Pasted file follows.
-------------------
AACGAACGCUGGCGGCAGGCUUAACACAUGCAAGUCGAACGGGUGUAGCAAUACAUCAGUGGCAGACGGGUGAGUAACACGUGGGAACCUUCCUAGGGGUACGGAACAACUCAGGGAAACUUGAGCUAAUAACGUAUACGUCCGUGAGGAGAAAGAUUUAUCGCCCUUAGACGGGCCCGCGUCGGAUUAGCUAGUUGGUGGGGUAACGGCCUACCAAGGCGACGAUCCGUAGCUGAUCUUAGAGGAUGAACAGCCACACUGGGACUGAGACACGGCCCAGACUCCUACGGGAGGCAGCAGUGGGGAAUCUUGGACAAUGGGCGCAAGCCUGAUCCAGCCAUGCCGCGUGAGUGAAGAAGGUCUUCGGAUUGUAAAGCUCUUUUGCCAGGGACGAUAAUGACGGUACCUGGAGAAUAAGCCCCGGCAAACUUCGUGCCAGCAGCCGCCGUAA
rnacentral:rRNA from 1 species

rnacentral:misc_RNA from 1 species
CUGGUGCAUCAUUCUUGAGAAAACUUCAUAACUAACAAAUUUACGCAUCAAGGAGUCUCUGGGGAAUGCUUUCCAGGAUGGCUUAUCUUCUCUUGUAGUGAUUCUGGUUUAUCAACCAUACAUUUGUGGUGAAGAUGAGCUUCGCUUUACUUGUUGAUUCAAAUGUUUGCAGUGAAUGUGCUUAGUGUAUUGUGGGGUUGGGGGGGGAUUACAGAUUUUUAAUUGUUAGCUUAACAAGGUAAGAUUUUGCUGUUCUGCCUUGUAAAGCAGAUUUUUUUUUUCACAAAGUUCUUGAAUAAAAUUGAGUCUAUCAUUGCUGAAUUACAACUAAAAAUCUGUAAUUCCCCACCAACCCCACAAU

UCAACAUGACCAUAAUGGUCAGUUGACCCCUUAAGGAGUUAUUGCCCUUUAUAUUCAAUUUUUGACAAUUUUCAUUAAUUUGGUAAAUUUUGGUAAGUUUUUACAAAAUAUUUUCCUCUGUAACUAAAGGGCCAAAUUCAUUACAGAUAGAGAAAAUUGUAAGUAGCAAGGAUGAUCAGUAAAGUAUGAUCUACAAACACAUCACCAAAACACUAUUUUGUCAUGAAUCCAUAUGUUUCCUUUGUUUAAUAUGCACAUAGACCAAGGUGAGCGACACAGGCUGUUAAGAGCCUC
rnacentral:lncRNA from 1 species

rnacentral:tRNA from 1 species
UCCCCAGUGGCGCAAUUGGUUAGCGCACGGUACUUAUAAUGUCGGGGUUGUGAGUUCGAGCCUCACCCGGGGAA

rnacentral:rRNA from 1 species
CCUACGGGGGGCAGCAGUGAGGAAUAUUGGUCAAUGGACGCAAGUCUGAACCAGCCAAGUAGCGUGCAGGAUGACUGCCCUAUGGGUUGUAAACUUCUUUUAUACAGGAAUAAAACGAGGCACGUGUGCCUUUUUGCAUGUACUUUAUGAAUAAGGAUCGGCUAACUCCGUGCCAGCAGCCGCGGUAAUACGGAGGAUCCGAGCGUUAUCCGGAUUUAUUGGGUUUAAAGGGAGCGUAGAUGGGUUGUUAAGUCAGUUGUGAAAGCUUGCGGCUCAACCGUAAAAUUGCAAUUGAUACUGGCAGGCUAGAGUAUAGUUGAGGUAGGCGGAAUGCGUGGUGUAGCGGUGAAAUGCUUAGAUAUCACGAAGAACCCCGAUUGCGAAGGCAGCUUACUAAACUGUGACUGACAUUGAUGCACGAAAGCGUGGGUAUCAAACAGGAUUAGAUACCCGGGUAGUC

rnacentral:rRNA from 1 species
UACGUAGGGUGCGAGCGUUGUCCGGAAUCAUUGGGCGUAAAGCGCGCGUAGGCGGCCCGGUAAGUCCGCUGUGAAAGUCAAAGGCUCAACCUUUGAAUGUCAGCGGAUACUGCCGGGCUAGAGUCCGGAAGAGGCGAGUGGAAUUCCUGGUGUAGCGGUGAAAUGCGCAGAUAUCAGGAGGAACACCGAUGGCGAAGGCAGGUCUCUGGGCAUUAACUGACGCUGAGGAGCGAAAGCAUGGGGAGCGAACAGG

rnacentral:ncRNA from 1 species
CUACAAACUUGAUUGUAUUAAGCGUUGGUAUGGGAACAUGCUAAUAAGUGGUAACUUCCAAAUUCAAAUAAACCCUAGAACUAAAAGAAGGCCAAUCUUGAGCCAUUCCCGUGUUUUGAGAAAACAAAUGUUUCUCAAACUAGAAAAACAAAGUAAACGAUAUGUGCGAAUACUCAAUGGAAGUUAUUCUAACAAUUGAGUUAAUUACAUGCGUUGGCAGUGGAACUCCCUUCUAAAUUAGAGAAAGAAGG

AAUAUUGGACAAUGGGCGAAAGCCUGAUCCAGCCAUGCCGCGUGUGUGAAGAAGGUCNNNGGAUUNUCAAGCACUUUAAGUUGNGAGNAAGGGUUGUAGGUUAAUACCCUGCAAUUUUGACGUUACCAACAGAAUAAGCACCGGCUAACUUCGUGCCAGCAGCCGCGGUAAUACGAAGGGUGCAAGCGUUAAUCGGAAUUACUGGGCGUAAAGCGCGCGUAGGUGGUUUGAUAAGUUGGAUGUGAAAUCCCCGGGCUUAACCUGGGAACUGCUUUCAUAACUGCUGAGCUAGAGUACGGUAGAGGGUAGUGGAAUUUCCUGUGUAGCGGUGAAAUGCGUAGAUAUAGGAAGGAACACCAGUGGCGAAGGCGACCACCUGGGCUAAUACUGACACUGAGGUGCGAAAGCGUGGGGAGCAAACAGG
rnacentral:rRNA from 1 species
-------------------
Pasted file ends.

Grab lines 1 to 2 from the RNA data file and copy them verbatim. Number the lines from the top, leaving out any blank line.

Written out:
AACGAACGCUGGCGGCAGGCUUAACACAUGCAAGUCGAACGGGUGUAGCAAUACAUCAGUGGCAGACGGGUGAGUAACACGUGGGAACCUUCCUAGGGGUACGGAACAACUCAGGGAAACUUGAGCUAAUAACGUAUACGUCCGUGAGGAGAAAGAUUUAUCGCCCUUAGACGGGCCCGCGUCGGAUUAGCUAGUUGGUGGGGUAACGGCCUACCAAGGCGACGAUCCGUAGCUGAUCUUAGAGGAUGAACAGCCACACUGGGACUGAGACACGGCCCAGACUCCUACGGGAGGCAGCAGUGGGGAAUCUUGGACAAUGGGCGCAAGCCUGAUCCAGCCAUGCCGCGUGAGUGAAGAAGGUCUUCGGAUUGUAAAGCUCUUUUGCCAGGGACGAUAAUGACGGUACCUGGAGAAUAAGCCCCGGCAAACUUCGUGCCAGCAGCCGCCGUAA
rnacentral:rRNA from 1 species